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Free Content Bright light treatment used for adaptation to night work and re-adaptation back to day life. A field study at an oil platform in the North Sea

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Abstract:

Summary

Night workers complain of sleepiness, reduced performance and disturbed sleep due to lack of adjustment of the circadian rhythm. In simulated night-work experiments scheduled exposure to bright light has been shown to reduce these complaints. Here we studied the effects of bright light treatment on the adaptation to 14 days of consecutive night work at an oil platform in the North Sea, and the subsequent re-adaptation to day life at home, using the Karolinska sleep/wake diary. Bright light treatment of 30 min per exposure was applied during the first 4 nights of the night-shift period and the first 4 days at home following the shift period. The bright light exposure was scheduled individually to phase delay the circadian rhythm. Bright light treatment modestly facilitated the subjective adaptation to night work, but the positive effect of bright light was especially pronounced during the re-adaptation back to day life following the return home. Sleepiness was reduced and the quality of day was rated better after exposure to bright light. The modest effect of bright light at the platform was, possibly, related to the finding that the workers seemed to adapt to night work within a few days even without bright light. These results suggest that short-term bright light treatment may help the adaptation to an extended night-work period, and especially the subsequent re-adaptation to day life.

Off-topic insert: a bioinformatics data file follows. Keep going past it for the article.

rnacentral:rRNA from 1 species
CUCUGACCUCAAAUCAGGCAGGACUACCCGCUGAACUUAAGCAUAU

Keywords: bright light treatment; circadian rhythm; field study; night work; subjective ratings

Document Type: Research Article

DOI: https://doi.org/10.1046/j.1365-2869.1999.00146.x

Affiliations: 1: Division for General Practice, University of Bergen, Ulriksdal 8c, N-5009 Bergen, Norway 2: IPM and Department of Clinical Neuroscience, Karolinska Institute, 171 77 Stockholm, Sweden

Publication date: 1999-06-01

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